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CHARLES C. WALCUTT
Facing Page 552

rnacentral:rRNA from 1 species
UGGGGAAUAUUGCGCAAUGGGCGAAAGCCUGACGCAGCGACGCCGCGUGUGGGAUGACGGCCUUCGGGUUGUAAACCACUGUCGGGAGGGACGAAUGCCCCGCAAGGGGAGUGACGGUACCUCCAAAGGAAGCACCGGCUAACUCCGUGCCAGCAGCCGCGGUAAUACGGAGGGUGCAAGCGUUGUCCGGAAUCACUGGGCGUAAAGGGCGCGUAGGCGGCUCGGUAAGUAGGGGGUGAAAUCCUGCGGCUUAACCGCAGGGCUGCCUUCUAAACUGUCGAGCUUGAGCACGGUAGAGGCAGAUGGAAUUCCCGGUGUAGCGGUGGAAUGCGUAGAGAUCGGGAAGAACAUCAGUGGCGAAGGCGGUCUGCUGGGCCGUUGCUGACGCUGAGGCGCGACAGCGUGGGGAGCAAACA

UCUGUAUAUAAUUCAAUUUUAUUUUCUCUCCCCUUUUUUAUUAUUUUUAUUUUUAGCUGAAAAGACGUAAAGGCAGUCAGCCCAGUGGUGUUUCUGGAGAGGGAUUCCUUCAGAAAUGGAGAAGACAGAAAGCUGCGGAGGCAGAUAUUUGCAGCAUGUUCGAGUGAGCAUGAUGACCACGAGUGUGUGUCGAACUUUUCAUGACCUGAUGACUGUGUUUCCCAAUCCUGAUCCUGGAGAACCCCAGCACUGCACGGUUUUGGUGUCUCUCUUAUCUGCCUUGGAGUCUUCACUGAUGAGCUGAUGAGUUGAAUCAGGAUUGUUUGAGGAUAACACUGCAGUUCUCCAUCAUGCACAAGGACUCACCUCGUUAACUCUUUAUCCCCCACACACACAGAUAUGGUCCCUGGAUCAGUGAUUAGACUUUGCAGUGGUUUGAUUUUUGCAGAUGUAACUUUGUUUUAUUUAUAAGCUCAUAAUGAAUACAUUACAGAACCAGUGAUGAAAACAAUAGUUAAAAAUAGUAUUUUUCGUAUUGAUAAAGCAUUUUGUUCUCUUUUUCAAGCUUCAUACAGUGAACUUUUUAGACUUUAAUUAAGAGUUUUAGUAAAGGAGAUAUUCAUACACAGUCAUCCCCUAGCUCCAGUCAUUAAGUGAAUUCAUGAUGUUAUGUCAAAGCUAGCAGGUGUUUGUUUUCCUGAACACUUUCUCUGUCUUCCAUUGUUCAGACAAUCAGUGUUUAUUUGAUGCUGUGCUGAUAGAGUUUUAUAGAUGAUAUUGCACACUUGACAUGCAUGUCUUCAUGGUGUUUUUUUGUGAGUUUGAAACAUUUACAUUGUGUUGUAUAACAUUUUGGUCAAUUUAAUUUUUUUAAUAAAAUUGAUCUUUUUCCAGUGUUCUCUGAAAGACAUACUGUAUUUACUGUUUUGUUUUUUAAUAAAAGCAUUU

General Charles C. Walcutt, collector of internal revenue for the seventh district of Ohio, was born in Columbus, February 12, 1838, the son of John M. Walcutt and Mariel (Broderick) Walcutt. They were among the pioneer settlers of the city, where the former carried on the business of chair-making. His early education was acquired in the public schools of his native place, and at the Kentucky military institute, from which institution he graduated in the class of 1858. Returning to Columbus, he was elected surveyor for Franklin county the next year, and held that position until the breaking out of the Rebellion, when he relinquished it in order to offer his services to the government. Hastily raising a military company in the State capital, he entered the service April 17, 1861, with the commission of Captain. The next June he was promoted to the rank of Major, and served on the staff of General Hill until August, when he was appointed Major of the Forty-sixth regiment of Ohio volunteers. January, 1862, he was appointed to a lieutenant-colonelcy, and, with his regiment, joined Sherman's army at Paducah, Kentucky, where the Tennessee river expedition was then in course of organization. At the memorable battle of shiloh, he received a severe wound in the shoulder from a musket-ball, which has never been extracted. October 16th of the same year, he was made colonel of his regiment, and participated in the campaigns against Vicksburg and Jackson, Mississippi. At the battle of Missionary Ridge he was assigned to the command of the Second brigade of the First division, Fifteenth Army Corps, and behaved with such intrepid gallantry in holding the key-point of the field against repeated charges by superior numbers, that he was recommended for promotion in General Sherman's report. From Chattanooga he moved with the column advancing to the defense of Knoxville, being still in command of the brigade, and led the assaulting party of the Army of the Tennessee at the battle of Kenesaw Mountain. After the battle of July 22nd, in which the brave McPherson fell, he was raised to the full rank of Brigadier-General. He participated in all the engagements of the Atlanta campaign, and after the destruction of the city fought the only battle--that of Griswoldsville--which occurred during the famous march to the sea. In this engagement, isolated from the main body of the army, and with his command reduced to thirteen hundred men, he sustained an attack by a body of the Confederate troops over seven thousand strong, under General Coombs. He not only bore up against that overwhelming force, but finally routed it with such complete success that the number of the enemy left dead and wounded on the field exceeded tat of the whole force with which he had entered the engagement. For this memorable act of gallantry he was breveted Major-General, and again distinguished by a very laudatory notice in the report of General Sherman. He then received, however, a sever shell-wound in the leg, which disabled him for several months, and he was unable to resume his command until the army entered North Carolina, when he was assigned to the command of the First division, Fourteenth army corps, and a few months later passed with the victorious troops in grand review before the President at Washington. He then took his command to Louisville, where it was mustered out, in August, 1865. He personally, however, served in the western department until January, 1866, at which date he was mustered out, and accepted the wardenship of the Ohio penitentiary. While in this position he accepted also the appointment of a lieutenant-colonelcy in the United States regular cavalry service, and reported to General Hancock, at St. Louis, for duty. But three months later, finding that no imperative duty called him to the life of a soldier in time of peace, he handed in his resignation and returned to the pursuits of civil life, resuming his position as warden in the penitentiary. That office was held by him for three years, he being the first man under whose management the institution returned a revenue to the State treasury. In 1869 he was appointed collector of internal revenue, for the seventh district of Ohio, and still holds that position. He has always taken a zealous interest in public affairs, and in the cause of education, in Columbus. In 1868 he was presidential elector for his district, and cast his vote for General Grant. In 1872 he was chairman of the State Republican executive committee, and conducted the Presidential and State campaign, of that year, in Ohio, with distinguished success.
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